Catholic Schools Week 2017 was held January 29th thru February 2nd. The week was filled with fun activities for the children of St. Vincent de Paul. The week began with our school Mass on Sunday, January 29th. Students handed out Hersheys Hugs and Kisses in bags to parishioners during weekend Masses. Students participated in the Sunday 10AM Mass. During the week, each grade did a class Mass each day, where that grade students participated in the Mass.

On Monday, January 30th, students dressed Hawaiian and we had a SAC Museum Science Assembly on Cool Science using liquid nitrogen. We then had a family lunch. On Tuesday, students wore Spirit Day clothes. We then had an afternoon of bowling for students. On Wednesday, students dressed as the career or job they would like to have. We had 3 guest speakers, a dentist, a baker and a policewoman talk about their jobs or careers. On Thursday, Fr. Salisbury blessed the candles before Mass. We had 4 athletes from Seward Concordia University come and talk about life skills learned from sports and how their faith has helped them in their sports and their lives.  Students dressed in sports clothing.  In the afternoon, Fr. Salisbury led a Eucharistic Procession from the Church to the social hall. Later in the afternoon students enjoyed popcorn and a movie.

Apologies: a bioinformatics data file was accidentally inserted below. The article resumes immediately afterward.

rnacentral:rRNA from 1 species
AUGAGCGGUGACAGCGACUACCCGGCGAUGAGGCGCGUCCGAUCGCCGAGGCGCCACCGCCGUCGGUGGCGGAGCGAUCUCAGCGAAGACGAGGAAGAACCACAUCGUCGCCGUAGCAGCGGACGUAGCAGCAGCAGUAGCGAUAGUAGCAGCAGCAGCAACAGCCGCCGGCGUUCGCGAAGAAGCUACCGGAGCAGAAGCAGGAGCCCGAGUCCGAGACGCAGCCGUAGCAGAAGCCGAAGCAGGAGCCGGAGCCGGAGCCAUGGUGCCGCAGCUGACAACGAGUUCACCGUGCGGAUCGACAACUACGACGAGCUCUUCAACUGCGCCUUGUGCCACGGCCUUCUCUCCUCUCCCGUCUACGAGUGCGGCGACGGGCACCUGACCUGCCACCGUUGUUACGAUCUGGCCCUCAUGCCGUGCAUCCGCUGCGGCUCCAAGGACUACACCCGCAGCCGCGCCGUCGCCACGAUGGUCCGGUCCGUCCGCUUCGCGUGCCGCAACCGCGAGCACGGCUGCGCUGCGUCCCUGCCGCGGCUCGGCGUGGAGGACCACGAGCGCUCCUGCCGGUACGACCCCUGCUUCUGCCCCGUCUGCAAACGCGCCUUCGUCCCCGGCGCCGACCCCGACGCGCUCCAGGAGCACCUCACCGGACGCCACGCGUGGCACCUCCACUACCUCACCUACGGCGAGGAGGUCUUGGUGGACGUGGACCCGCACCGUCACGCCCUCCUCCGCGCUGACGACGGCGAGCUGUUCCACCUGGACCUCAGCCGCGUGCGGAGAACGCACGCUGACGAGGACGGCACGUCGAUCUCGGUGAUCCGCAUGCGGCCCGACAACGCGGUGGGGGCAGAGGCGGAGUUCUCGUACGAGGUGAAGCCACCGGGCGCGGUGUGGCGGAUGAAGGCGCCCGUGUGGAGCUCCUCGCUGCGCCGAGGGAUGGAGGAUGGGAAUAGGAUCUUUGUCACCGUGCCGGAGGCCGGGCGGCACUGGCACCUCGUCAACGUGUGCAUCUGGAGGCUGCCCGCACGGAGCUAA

Check out a few fun pictures from the week!!
The students of St. Vincent de Paul School have opportunities to grow in their knowledge of God’s care for them and the responsibility they have to care for others through programs of stewardship. Collections (money, food, clothing) during the school year support such needs as the pro-life cause, the library, Guardian Angel fund, needs of the poor, evangelization and others. Students are encouraged to give from their own resources, and to pray and sacrifice to help needy children around the world. One of the primary recipients of our stewardship (including all of the money collected on Spirit Days) is the Missionary Childhood Association (MCA): “Children helping children.” For those who receive aid, the Missionary Childhood Association can mean the difference between life and death. For the children who give aid, it is an experience that teaches the lesson of Christian apostleship and love, and one that shapes the attitudes of a lifetime. Since being raised to the status of a Pontifical Society in 1926, the Holy Childhood Association has continuously received strong Papal endorsement for its unique role in developing mission awareness in Catholic youth.
Students will participate in activities that target the Spiritual and Corporal Works of Mercy.